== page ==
Blaming The West For Africa’s Woes? African Leaders Are Making A Mistake Here.

Photo source: Lusaka Times

By Gershom Ndhlovu

It is nearly six decades since sub-Saharan African countries started gaining independence from their colonial masters. Sadly, the continent is still blighted with hunger, poverty, disease and wars—and the irony is that most of these problems are still blamed on the former colonial masters.

At the last EU-Africa Summit held in Belgium, Zambia's president Michael Chilufya Sata reiterated what other African leaders had said in the past about the West contributing to wars on the continent through the sale of guns and other military hardware. Quoted by Eil D’Afrique, Sata told the gathering that Africa had no gun factory that fuels conflict and that Europe was responsible for conflicts on the continent because weapons used in conflicts are manufactured in Western countries. "Most poor child soldiers involved in conflicts in Africa carry guns manufactured in Europe that cost thousands of dollars. These poor children could not have money to buy these weapons," said Sata.

In its post-independence existence, Africa has had its fair share of coups and counter-coups and civil wars. Of course, most of these were brewed in smoky backrooms where Western diplomats met military officers while sipping on expensive wines and spirits, enticing them with not only the control of national resources if they kicked out an anti-Western radical leader but also the support of their capital. This is how megalomaniac tyrants like Mobutu Sese Seko rose to power and maintained a hold on it.

Ever since the African Union changed its stance regarding the issue of unconstitutional change of governments by suspending countries where a coup takes place, the prevalence of this type of government change has minimized. Egypt, hitherto a major player in African Union affairs, was itself suspended in 2013 after the military ousted democratically elected Mohamed Morsi barely two years into his tenure.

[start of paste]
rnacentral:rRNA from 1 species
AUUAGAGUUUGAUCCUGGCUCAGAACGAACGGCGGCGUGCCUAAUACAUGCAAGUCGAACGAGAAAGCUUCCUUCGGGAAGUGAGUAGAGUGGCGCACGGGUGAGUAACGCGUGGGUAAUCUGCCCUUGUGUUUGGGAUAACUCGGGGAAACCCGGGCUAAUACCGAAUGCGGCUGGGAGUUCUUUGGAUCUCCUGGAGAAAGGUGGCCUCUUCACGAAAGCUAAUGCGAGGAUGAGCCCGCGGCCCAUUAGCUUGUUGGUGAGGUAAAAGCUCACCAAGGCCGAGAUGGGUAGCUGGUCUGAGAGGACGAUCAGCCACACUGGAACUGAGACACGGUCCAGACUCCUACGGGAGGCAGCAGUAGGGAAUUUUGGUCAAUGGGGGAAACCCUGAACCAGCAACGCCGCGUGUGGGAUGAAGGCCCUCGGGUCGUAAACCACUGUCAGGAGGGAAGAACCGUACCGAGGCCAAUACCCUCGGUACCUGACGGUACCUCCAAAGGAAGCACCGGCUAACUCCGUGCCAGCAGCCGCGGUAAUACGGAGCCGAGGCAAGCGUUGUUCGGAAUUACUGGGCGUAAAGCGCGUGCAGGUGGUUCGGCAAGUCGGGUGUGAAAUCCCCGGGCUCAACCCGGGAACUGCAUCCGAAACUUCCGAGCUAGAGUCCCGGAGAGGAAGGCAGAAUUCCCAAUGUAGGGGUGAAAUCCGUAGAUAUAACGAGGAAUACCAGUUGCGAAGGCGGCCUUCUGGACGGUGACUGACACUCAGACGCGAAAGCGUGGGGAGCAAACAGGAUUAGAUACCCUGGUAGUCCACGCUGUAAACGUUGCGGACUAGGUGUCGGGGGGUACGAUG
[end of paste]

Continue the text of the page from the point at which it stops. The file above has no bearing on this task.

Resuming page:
But to blame all or most of the recent conflicts in Africa on Western countries and European gun factories is being disingenuous and burying heads in the sand, ostrich-like. It is pathetic that African countries still blame their former colonial masters today for their economic failures clearly caused by corruption, mismanagement and sheer incompetence.

For starters, President Sata whose country is celebrating 50 years of independence this year, has displeased Zambians lately. He appointed a committee to come up with a new constitution. The committee has spent two years and millions of dollars without much to show.

To worsen matters for him, one region of the country, the Western Province, is agitating for secession from the rest of Zambia over unfulfilled provisions of the Barotse Agreement of 1964 which linked the region to the rest of the country just before independence in October 1964.

The restlessness of western Zambia reflects the situation in other African countries, and the best example of this is the achievement of independence of the now South Sudan which had been at war since about 1983.

Some secession movements are high profile while others are low-level demands only known to a few people. The one for Biafra is very much alive. It runs an internet radio station and distributes posters in the diaspora. In Zimbabwe an organisation called Mthwakazi Liberation Front wants to slice western Zimbabwe from the rest of the country. Elsewhere, Zanzibar wants to part with Tanzania after 50 years of union.

If anybody took up arms in any of these countries to fight for secession, you would not blame Europe in particular or the West in general. The problem is that conditions exist for people to take up arms. For instance, the repressive regime in Zimbabwe monopolized by one man for over three decades is enough to drive anyone from an unevenly represented region to fight for his political rights like Mthwakazi is agitating.

In the case of Nigeria’s Boko Haram and Al Shabaab in East Africa, it is more a case of one religious group trying to impose its will on the rest of society. Obviously, these two organizations are part of an international terrorism franchise that is against the West, which incidentally is accused of ‘selling arms’ to Africa.

Anyway, African leaders must come to terms with their failings in governance. Attributing problems to an external source, nearly 60 years after the first wave of independence, is not good sense.

Selfish African leaders, who Franz Fanon referred to in his book Black Skin, White Masks, do not make matters any better for their citizens. All what African leaders want to do is live in opulence and perpetuate themselves in power while citizens wallow in poverty.

Gershom Ndhlovu is a Zambian journalist with over 25 years of experience. Follow @gndhlovu.

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1 comment for: "Blaming The West For Africa’s Woes? African Leaders Are Making A Mistake Here. "


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  1. Africans need to learn to think before they shoot. The need to develop long range plans based on constitutional authority and term limits. The rule of law must be enforced. Africans must learn to put the people first.

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